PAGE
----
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Mere Dad Ki Maruti  : Drive To Punjab Yet Again
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Friday, March 15, 2013
Ashima Chibber
Saqib Saleem, Ram Kapoor, Prabal Panjabi, Ravi Kishen, Rhea Chakraborty
All hell breaks loose when Sameer (Saquib Saleem) loses his dad’s new Maruti, a gift to his sister for her wedding. Knowing daddy Tej’s (Ram Kapoor) rage, Sameer has to do something and that too fast, to get back the car. So go on a ride over familiar terrain that’s as much fun as hitting a road full of potholes.

The plot: Mere Dad Ki Maruti is steeped in Punjabi flavour and what better way to show the garrulous community than with a marriage? (From Hum Aapke Hain Koun to Chandni to Karan Johar’s umpteen films, a Punjabi wedding is mandatory for dance and dramatic tension.)

Everything is overtly celebratory except Sameer’s stars. And now his super strict dad Tej Khullar who always favours everybody else over him, has rubbed salt into Sameer’s wounds by buying a brand new Red Maruti for the new son-in-law.

But this doesn’t stop Sameer from taking the Ertiga for a spin to impress college hottie Jazzleen (Rhea Chakraborty). When he loses the car, his best friend Gattu (Prabal Panjabi), Jazzleen (who turns out to be his brother-in-law’s sister) and Sameer have to deal with it to save the reputation of the family. It means a very tiresome trip around town involving cops and goons to get back his dad’s Maruti.
The good: Ram Kapoor is reliably delightful, charming, funny, loud and Punjabi. Saquib Saleem is also good but it’s his side-kick Prabal Panjabi who steals the show. The duo was last seen in Mujhse Fraandship Karoge where too Prabal was the scene-stealer. Dumb Rhea Chakraborty is annoying but you get used to it as the movie progresses. She needs to work on her acting skills if she hopes to make the cut. Ravi Kissen’s role is inconsequential and abrupt but he has an effective presence for the little time that he is around.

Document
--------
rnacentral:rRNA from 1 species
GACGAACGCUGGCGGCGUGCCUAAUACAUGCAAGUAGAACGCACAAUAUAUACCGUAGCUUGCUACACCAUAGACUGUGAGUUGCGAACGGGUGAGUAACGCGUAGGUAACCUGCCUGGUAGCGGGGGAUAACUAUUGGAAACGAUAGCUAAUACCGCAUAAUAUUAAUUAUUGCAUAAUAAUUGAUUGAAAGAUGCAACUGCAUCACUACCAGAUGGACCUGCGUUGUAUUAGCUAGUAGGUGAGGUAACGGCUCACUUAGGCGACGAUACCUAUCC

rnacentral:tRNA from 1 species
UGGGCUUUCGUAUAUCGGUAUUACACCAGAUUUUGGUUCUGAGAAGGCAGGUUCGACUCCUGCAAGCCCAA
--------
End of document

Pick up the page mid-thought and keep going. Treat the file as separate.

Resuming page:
There are some really original wisecracks, silly yet funny. If only the dialogue delivery was better and not so forced, a few of the dialogues (Ishita Moitra) could have been winners.
The bad: The music is an ear-sore (Sachin Gupta) and painfully unnecessary. Sachin Udwani’s story is predictable and seems too long a watch even if the second half picks up speed. The humour is irksome, like the saying, ‘Log thu thu karenge’ is shown literally with people actually going ‘Thu, thu’ at Tej Khullar. Inexplicable are convenient clichés like, why does Sameer hate his brother-in-law so much? Why does his sister suddenly erupt into a vulgar dance number in front of her in-laws? How does Jazzleen who met Sameer just two days ago, fall in love with her? Must every Punjabi speak grammatically laughable English?

Overall: Do you really want to take another familiar trip to Punjab when you’ve enjoyed it far more a dozen times in the past?

– Priyanka Ketkar

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